Maternal gestational diabetes mellitus (GDM) has been linked to high body mass index among offspring, even when they become adults.
Women with this type of diabetes tend to give birth to heavier babies but research carried out in Sweden has shown that this weight disparity continues into adulthood.
Scientists based at the University of Bristol carried out a prospective cohort study of 280,866 Swedish men.
Of these, 1,475 of the men had been exposed to GDM in the womb. Members of this category had a BMI 0.94kg/m2 greater than their brothers who were born before the mother had the condition.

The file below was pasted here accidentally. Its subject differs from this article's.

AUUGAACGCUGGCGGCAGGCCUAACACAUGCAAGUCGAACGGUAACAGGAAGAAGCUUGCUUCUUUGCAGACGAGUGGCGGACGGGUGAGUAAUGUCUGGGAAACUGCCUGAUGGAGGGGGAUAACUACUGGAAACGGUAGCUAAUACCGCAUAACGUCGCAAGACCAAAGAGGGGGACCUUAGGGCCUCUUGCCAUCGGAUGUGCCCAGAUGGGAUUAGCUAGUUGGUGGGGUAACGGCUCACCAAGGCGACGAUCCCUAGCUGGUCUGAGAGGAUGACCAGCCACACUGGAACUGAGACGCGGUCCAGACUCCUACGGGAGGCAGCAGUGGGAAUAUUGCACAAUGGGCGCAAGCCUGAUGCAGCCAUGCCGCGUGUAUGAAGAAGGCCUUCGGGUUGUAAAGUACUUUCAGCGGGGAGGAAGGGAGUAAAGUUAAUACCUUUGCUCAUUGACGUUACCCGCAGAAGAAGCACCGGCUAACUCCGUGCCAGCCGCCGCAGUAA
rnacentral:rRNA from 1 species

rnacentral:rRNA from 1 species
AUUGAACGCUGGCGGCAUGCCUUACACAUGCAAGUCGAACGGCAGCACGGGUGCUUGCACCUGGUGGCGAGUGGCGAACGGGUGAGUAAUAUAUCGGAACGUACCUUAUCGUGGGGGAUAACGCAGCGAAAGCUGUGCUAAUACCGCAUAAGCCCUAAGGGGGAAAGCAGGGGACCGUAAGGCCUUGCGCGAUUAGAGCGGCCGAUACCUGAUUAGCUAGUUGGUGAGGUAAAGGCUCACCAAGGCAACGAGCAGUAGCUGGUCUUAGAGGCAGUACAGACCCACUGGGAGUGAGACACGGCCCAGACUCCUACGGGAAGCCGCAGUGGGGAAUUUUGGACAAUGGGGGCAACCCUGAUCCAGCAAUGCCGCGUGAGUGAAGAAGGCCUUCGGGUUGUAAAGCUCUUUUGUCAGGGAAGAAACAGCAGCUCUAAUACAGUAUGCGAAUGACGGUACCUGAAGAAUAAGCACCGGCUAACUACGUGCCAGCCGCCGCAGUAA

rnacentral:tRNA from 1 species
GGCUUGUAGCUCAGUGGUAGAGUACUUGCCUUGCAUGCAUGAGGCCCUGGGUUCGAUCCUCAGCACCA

Similar BMI increases were noted in men who did not have siblings.
The study authors wrote: "The strong association of maternal pregnancy diabetes mellitus with offspring BMI that we have found within siblings and between non-siblings in the entire population highlights the importance of identifying and appropriately treating pregnancy diabetes mellitus, not only for immediate perinatal reasons, but also for the long-term health of the offspring.
"These findings support long-term funding of randomised, controlled trials of pregnancy diabetes treatment to determine the effect of such treatments on the long-term risk of greater adiposity and associated consequences in offspring," they conclude.
The research findings appear in the journal Circulation.